One striking observation on my voyage through the vineyards on the Amalfi Coast for my online wine series ‘The Grape Press’, was the wonderful proportion of winemakers that are a woman. Half of the vineyards I selected for the series in this region, were run by women, producing powerful, top quality wines.
From the very beginning, starting with Madame Cliquot, women have had a rough time of it. As respected wine writer Richard Eisling points out, rather than operate under her own name when her husband died in 1805, she had to carry on as ‘The Widow Cliquot’. However, this does not detract from the fact that she was the first woman to run a major Champagne house and set a precedent for women working in wine. 200 years later, the industry worldwide is still largely male dominated, clearly reflected in the Americas chapter of the Court of Master Sommeliers. Of the 149 professionals that have been awarded the title of Master Sommelier since the organization began, 125 are men and only 24 are women. The Wallstreet Journal reported a study highlighting the statistics that only 10% of California’s winemakers in the areas where 90% of the US’s wine is produced were female.
Many female winemakers have had to fight prejudice, discrimination, and sexism, as well as the sheer physical challenges of the work. They have had to work hard to prove themselves, no doubt harder than their male peers had to, but despite the struggles, the talented women winemakers of the Amalfi are doing their best to make sure that the industry no longer remains a boys’ club. They want to have a louder voice in the world of wine and collaborated with other female professionals as part of ‘Le Donne del Vino, which literally translated means ‘Women of the wine’. Together they are committed to making sure that women are well represented in the wines of Italy. Led by Elisabetta Tognana, the association was established in 1988 and comprises of producers, restauranteurs, wine bar and wine store owners, sommeliers, journalists and industry experts. It is a hands-on organization that promotes the culture of wine, innovation, improving communication with consumers and the role of woman in winemaking. It allows women to network in a way that is hugely positive to their professional development. After all being knowledgeable about today’s industry is very important to get to the next level of one’s career regardless of gender. www.ledonnedelvino.com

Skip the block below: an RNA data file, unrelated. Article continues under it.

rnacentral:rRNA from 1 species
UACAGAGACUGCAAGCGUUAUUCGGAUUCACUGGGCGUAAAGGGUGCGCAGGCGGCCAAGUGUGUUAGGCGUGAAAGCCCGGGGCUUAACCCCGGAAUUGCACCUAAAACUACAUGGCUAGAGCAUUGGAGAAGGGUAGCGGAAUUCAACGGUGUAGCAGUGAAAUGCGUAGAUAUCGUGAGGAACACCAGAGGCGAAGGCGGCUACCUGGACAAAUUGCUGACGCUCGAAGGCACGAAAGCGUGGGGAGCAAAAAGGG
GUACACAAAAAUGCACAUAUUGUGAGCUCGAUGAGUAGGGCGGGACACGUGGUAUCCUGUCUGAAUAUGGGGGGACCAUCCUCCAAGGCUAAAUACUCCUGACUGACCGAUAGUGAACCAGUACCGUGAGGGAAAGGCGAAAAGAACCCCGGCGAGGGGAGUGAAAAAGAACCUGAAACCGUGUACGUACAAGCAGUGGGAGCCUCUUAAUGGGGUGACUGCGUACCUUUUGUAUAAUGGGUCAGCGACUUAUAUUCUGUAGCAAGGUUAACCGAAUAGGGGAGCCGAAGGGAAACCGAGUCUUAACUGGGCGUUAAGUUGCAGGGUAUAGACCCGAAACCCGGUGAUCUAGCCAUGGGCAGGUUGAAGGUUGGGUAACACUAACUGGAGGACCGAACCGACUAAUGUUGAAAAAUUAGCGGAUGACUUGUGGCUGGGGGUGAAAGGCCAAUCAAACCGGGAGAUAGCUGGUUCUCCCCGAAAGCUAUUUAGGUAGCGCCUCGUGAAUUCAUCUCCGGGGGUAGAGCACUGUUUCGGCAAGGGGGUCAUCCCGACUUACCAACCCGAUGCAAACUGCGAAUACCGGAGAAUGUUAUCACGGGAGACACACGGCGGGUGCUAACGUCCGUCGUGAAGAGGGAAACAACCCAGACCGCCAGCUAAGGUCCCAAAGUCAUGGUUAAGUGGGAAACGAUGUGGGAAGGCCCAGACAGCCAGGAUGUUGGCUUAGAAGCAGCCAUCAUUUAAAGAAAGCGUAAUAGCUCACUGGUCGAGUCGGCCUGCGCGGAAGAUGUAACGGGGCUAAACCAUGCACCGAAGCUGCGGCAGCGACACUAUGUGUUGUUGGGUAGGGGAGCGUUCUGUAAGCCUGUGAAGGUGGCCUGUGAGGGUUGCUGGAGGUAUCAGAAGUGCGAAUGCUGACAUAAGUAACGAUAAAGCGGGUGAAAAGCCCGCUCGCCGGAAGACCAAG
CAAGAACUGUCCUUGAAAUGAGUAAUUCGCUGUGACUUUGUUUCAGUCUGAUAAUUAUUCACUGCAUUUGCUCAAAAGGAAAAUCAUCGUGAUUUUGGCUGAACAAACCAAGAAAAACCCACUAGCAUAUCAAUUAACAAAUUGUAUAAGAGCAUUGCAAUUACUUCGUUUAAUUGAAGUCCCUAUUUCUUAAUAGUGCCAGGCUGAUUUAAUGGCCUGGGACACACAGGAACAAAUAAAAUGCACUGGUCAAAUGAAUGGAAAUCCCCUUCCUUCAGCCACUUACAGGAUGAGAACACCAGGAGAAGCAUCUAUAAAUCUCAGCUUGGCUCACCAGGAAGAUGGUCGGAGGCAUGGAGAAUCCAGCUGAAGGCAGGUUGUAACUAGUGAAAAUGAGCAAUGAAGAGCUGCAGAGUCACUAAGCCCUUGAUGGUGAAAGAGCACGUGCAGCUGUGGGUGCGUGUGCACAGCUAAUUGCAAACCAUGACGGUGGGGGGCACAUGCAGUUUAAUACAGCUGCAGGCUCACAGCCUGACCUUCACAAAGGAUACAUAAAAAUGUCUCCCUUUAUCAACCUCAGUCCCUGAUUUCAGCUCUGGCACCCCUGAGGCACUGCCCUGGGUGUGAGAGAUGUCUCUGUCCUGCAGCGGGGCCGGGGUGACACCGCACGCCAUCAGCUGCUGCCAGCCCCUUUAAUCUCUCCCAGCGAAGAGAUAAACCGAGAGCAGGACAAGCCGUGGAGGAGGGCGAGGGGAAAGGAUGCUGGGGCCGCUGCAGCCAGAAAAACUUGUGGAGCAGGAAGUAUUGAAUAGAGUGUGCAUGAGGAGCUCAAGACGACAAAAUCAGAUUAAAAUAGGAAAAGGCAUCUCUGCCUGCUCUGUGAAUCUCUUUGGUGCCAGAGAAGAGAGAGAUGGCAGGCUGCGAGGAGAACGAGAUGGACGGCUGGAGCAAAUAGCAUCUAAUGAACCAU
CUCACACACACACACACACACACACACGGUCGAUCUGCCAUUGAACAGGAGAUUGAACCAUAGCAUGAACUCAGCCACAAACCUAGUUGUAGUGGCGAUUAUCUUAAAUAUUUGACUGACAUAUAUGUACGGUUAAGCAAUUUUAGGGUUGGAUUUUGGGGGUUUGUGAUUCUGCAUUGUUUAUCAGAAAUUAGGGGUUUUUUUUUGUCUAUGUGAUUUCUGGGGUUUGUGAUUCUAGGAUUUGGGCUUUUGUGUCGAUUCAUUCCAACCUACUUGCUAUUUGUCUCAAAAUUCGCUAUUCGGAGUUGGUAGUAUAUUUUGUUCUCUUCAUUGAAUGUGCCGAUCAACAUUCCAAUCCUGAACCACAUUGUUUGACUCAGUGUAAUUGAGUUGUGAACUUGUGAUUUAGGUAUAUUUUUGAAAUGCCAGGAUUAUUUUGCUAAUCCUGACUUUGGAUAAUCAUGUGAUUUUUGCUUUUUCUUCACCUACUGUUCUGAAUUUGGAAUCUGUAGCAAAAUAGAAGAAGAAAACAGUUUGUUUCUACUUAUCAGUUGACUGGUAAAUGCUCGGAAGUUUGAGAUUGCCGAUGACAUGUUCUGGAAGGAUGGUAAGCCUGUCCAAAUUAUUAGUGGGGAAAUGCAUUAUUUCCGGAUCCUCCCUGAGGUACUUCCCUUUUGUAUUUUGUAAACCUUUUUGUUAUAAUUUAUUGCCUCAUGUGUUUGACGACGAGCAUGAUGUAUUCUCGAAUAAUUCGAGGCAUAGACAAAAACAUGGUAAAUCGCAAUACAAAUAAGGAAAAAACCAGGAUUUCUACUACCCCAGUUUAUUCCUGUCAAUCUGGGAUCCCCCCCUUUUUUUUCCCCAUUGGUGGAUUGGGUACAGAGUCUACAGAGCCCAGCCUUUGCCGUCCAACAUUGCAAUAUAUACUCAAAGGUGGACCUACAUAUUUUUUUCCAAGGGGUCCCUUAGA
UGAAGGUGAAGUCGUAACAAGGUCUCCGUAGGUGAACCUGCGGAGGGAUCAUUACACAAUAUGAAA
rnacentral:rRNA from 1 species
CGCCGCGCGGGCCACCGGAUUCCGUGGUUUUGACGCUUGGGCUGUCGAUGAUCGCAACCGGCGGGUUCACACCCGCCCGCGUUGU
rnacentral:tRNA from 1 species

Over the last 15 years attitudes are changing and women are now accepted in influential and challenging positions in the world of wine. Therefore, it is extremely important to celebrate women’s achievements and successes within the industry rather than merely focusing on the hardships they face. Let me introduce you to 5 incredible female winemakers of the Amlfi who are making exceptional wine and championing equality in the work place.
Patrizia Malanga – Le Vigne Di Raito
One my favourite vineyard’s that I filmed at during the making of the series was Le Vigne Di Raito. Sitting pretty at 250 metres above sea level this vineyard offers some of the most breathtaking views of the Amalfi Coast. Founded in 2001 by winemaker Patrizia Malanga this rather special 2-hectare concern was literally carved out of the rock-face using her own two hands. The first harvest was in 2007 and today she produces over 6,000 bottles every single year. Patrizia is one of the 750 members of Le Donne del Vino and boasts that ‘it is not unusual to find female winemakers in this region, and we all have a very strong bond in the world of wine”.
Patrizia only grows two grape varieties Aglianico (indigenous black grape) and Pierdirosso (red wine grape speciality of the Campania region) carefully crafting a bold rosé called ‘Vita Menia’ and a magnificent red called ‘Raggis’.
Vita Menia (Rosato) – 20% Aglianico 80% Piedirosso
The Vita Menia very much reflects the winemaker, and Patrizia even says that, “it has a very strong character – like me”. It is certainly is an impressive and unique rosé, extremely bold in its colour and on the palate. It is absolutely delicious and quite unlike any other that I tasted on the Amalfi Coast. Le Vigne Di Raito produces 1,500 bottles of the Vita Mania every year and is distributed locally in restaurants and hotel as well as internationally. In the production of this rose, this is a white wine vinification applied to red grapes. The grapes undergo a soft pressing and the must is cold settled and fermented at a temperature of around 18 degrees. It is then transferred in to oak barrels for 6 months, which gives this wine it’s beautifully strong character. This rosè has the acidity and freshness of a white wine, but the structure of a red. The soils of this region produce a stunning minerality within the wine and you really feel like your tasting the Amalfi coast with every sip.
Benigna Sorrentino - Teunta Sorrentino